Google won a lawsuit recently, and Chinese AI start-up giants like SenseTime and Megvii are gaining momentum in facial recognition. It is safe to say that facial recognition will be one of the most significant focal points of artificial intelligence going forward.
One of the most commonly used applications is the Deepface program of Facebook that recognizes people in your uploaded photos, allowing you to tag them quickly.
4. Internet of Things (IoT) and AI
Internet of Things (IoT) is one of those technologies that we all use but likely do not understand entirely. In simple terms, it is a system that consists of multiple devices that are connected to a cloud server. These devices or sensors communicate amongst themselves without the user and based on specific data sets, act automatically.
Some common examples of objects that fall within the scope of IoT are smart cars, electronic appliances, vending machines, speaker systems, connected security systems, smart lights, and thermostats.
But can IoT function without AI? If you look closely, you’ll find the presence of AI applications in every IoT system; only the extent varies. For instance, a self-driven car cannot function without a close interdependence of IoT and AI.
Industrial IoT will be massively making use of AI to perform root cause analysis, outlier detection, and predictive maintenance of equipment. We are looking at advanced machine learning models that will be capable of handling speech synthesis, video frames, time-series data, and other unstructured data from microphones, cameras, and other sensors.
5. Digital Ethics and Artificial Intelligence
Digital ethics is garnering more attention than ever before, and rightly so! People are becoming more aware of the potential threats of having their data stored on the cloud servers of private organizations.
And the same is reflected in the recent developments that took place in various associations as well as government bodies.
What needs to be ensured is that AI applications are designed ethically. The dream of a fully autonomous, AI-powered environment is very appealing, but does it imbibe the ethical values of our society? Are AI developers doing enough to handle this ethical dilemma?
The IEEE Standards Association lays down the following points that need to be addressed while formulating standards or policies about ethical AI:
Legal accountability and responsibility in case of any harm caused by an AI system.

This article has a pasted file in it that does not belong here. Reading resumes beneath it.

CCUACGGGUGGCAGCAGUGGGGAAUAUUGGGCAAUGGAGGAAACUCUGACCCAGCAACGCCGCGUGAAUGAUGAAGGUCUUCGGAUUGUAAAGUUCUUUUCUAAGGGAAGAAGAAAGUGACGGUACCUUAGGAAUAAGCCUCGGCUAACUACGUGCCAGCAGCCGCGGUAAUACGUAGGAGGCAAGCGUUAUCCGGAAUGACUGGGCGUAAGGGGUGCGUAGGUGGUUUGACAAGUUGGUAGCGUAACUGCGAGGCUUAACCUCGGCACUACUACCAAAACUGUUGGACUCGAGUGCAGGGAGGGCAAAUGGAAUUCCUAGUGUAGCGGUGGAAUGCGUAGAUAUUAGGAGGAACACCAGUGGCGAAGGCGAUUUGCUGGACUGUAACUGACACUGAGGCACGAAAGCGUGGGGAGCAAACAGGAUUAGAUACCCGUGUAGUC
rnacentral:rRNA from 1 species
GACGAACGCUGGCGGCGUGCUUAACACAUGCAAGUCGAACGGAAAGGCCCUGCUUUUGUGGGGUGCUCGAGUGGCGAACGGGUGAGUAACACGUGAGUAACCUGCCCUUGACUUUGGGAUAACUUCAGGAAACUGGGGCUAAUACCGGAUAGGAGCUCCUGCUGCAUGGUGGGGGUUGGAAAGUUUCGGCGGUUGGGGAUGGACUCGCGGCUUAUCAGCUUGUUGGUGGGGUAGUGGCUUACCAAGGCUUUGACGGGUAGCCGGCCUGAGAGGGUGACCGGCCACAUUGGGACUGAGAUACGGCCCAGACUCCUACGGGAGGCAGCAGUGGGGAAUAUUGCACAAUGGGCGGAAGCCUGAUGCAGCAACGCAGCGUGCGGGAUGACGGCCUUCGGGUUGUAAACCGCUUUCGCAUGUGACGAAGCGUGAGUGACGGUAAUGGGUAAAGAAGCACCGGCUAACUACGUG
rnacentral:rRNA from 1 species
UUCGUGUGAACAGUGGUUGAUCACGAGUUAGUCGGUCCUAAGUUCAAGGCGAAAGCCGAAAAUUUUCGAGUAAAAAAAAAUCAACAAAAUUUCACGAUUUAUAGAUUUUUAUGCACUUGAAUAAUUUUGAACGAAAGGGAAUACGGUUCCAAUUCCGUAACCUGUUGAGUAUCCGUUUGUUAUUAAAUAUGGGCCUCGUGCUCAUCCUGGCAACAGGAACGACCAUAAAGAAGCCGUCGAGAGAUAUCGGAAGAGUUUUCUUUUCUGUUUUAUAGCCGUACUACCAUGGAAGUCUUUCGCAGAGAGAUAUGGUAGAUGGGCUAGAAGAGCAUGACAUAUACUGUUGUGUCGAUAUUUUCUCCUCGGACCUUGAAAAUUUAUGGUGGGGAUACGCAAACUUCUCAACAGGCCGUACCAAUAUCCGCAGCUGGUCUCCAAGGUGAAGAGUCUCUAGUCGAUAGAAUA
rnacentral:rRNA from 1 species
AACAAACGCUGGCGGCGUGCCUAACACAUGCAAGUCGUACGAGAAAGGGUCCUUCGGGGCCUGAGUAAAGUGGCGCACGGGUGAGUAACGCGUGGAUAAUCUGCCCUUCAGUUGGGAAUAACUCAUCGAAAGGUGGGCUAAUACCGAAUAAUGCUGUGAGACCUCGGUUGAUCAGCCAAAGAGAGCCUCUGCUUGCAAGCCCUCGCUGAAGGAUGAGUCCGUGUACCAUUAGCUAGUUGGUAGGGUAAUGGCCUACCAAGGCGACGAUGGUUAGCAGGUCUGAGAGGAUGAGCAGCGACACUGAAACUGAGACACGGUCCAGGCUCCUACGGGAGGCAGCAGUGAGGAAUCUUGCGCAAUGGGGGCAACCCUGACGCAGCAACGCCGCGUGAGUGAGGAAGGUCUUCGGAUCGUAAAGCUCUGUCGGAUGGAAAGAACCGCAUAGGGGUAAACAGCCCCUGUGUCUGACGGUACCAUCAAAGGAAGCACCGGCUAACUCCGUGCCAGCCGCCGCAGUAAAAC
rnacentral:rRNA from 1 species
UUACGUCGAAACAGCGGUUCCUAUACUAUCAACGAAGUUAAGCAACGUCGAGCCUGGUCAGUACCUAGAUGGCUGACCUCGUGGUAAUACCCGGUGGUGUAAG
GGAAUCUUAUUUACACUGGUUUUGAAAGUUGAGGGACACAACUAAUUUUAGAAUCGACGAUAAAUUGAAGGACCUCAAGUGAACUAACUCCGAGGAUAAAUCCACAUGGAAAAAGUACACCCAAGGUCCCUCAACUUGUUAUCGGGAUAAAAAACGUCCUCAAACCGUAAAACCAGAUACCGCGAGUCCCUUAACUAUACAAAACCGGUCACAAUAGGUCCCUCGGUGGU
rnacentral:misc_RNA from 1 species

Complete transparency about the plan of data usage and the rules of AI systems along with audit trails.
Policies should be in place to address the implications and impact of AI systems.
Employing several governance frameworks to ensure that fundamental human rights are not violated in any way.
Expressing prohibitions and obligations that are expressed computationally to embed values into AI systems.
Inherent Challenges of AI Trends
It is essential to touch upon the inherent challenges of working with AI. Knowing the problem areas will give you a better understanding of what it entails to make AI relevant and useful.
1. Lack of Uniform Regulations
2. Socio-Economic Issues
The debate on the effects of AI on employment will likely not settle anytime soon. Some feel it will take away jobs, while others think it will replace them. The World Economic Forum released a report that talks about this.
3. The Validity of Input Data
Machine learning models are often used for decision-making purposes, like mortgage loans, recruitment, social service benefits, and more. Biased data input often leads to these AI models giving biased results. Amazon recently scrapped an AI-based recruitment tool after it was found that it has a bias against women.
According to a report by the World Economic Forum, some preventive measures that can be employed are:
Active inclusion of data points from diverse input sources.
Review and redressal of potential risks.
Balancing transparency with performance or speed.
We’ve discussed only five of the latest technology trends that fall directly within the ambit of artificial intelligence. But in reality, AI is evolving and diversifying rapidly. Some of the other upcoming trends you could look at are Distributed Artificial Intelligence (DAI), Quantum Computing, and Embodied Artificial Intelligence (EAI).
The possibilities are endless when you are dealing with artificial intelligence. Think of giving a seemingly infinite canvas to an accomplished artist - you have no idea what the final picture will look like!
With the rapid pace of innovation and technological advancement, AI surely holds the potential to surprise us soon.